Photo: Farmers rating crops on different criteria.
Photo: Beeswax, a part of my son's Waldorf schooling, was a useful medium for non-literate Bangladeshi farmers to form their ideas about crops of value.
The distinction between substitute crops and transition strategies identified by and with Bangladeshi farmers had not occurred earlier to either the farmers or the research team. It was also an original contribution to the suite of strategies emerging from the IDRC funded research. In Kenya, researchers tried to get farmers to replace one cash crop with another (bamboo). In Malawi, the research involved introducing a second cash crop that could be grown alongside tobacco, in the hope that eventually it would displace tobacco. Both focused on substituting one crop for another. The findings from Bangladesh pointed instead to a process of change involving strategic adjustments to different parts of the cropping system, including soil enhancement and mixed cropping stretched over several seasons and integrated with active markets for food products.
This was the kind of nuanced, integrated and locally adapted solution that scientists hope to discover through careful, participatory and evidence-based study. It also has something to offer to broader thinking about system change, relevant perhaps even to other fields (the urgent need for a transition to renewable energy comes to mind). First, it suggests that change strategies need to have a firm and ambitious timeline, or else the idea becomes a mere stalling tactic. If tobacco companies have their way, national governments will not control tobacco cultivation until and unless robust alternatives are already in place. The position is impractical, and the result is paralysis. Second, transitions need to include strategic structural changes from the start. For tobacco farmers, that means improving the soils destroyed by years of tobacco cultivation and getting relief from the cycle of tobacco debt. Otherwise, useful crops will simply not grow and land and labour will remain tied to what is rather than what could be. Without transformation of at least some of the conditions of farming, a transition strategy will be reduced to an “alternative strategy" in arrested development. New life cannot thrive. Finally, transition strategies need to include a kick start with strategic inputs. As described further below, access to seed of diverse crops became the catalyst for farmer experimentation with new cropping patterns that could sustain the enterprise through the timeline of transition. Without a strategic hand up, change will simply remain out of reach.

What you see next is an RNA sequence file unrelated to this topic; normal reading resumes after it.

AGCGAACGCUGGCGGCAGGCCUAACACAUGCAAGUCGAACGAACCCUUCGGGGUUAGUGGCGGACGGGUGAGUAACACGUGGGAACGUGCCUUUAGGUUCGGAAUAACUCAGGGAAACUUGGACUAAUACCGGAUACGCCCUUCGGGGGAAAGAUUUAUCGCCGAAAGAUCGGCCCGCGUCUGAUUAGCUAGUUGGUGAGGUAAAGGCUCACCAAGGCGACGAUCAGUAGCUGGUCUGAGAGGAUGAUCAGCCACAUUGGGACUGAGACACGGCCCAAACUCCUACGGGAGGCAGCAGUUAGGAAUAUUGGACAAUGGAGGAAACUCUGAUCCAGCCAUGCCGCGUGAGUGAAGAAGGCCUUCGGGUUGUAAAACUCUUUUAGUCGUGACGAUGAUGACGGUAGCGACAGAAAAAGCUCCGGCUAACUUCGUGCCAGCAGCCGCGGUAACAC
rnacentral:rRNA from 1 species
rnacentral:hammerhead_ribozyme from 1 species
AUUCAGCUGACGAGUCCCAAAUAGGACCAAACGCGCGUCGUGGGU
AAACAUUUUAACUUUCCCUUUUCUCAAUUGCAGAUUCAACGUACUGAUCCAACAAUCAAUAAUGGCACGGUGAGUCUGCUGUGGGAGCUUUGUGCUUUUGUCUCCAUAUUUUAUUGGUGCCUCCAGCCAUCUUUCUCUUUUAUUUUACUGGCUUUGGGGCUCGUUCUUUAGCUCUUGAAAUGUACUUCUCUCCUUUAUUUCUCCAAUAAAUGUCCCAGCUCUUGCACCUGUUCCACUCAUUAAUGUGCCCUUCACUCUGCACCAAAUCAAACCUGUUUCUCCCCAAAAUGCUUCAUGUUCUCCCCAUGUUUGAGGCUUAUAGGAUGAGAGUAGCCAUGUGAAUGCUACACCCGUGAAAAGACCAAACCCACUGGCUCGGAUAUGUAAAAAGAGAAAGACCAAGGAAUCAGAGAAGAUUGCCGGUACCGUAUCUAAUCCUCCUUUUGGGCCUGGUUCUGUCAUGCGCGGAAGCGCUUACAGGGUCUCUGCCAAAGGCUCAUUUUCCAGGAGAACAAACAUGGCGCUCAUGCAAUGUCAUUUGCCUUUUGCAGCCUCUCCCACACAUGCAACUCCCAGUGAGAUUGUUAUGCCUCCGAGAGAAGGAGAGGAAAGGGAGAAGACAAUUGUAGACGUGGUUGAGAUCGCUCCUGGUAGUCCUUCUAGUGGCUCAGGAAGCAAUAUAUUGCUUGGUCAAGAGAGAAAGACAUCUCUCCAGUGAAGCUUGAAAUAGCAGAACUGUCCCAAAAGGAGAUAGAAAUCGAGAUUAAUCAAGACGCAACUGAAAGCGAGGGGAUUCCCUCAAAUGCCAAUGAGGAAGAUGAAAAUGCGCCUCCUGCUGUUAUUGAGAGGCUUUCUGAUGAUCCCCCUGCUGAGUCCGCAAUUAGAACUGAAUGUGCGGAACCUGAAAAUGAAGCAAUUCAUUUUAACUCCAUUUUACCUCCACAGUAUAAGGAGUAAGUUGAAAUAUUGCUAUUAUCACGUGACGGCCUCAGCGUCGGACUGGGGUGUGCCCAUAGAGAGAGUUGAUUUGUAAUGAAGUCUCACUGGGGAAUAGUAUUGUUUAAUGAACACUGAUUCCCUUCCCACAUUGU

The policy implications of the research findings from Bangladesh did not, at the time, work themselves into the international policy dialogue on tobacco control. Wardie Leppan, the lead IDRC staff on the tobacco farming file until 20xx, recently told me that the WHO are still looking for “cookie-cutter solutions” for tobacco farmers. They also continue to frame the challenge within the narrow bounds of “alternatives to tobacco” outlined in Article 17 of the Framework Convention on Tobacco Control (FCTC). Structural constraints on change within the agricultural sector and the need for transformative investment over time may have been obscured by the geekiness of the particulars, although a later publication edited by Wardie, Natacha Lecours and myself did try to bring these out. Our hopes were high when the book was released with much fanfare at the 16th World Conference on Tobacco or Health, held in 2015 in Abu Dhabi. The boxes of copies carried by Wardie and Natacha quickly proved to be insufficient, as were copies of a companion policy brief prepared for the event. Recently, Raphael Lencucha, a university professor at McGill University and specialist on tobacco control, told Natacha that the book was unique and still relevant because of the global perspective it provides on a neglected global issue. It has not, however, translated into better guidance from the WHO on how to implementation of the articles in the convention related to tobacco cultivation.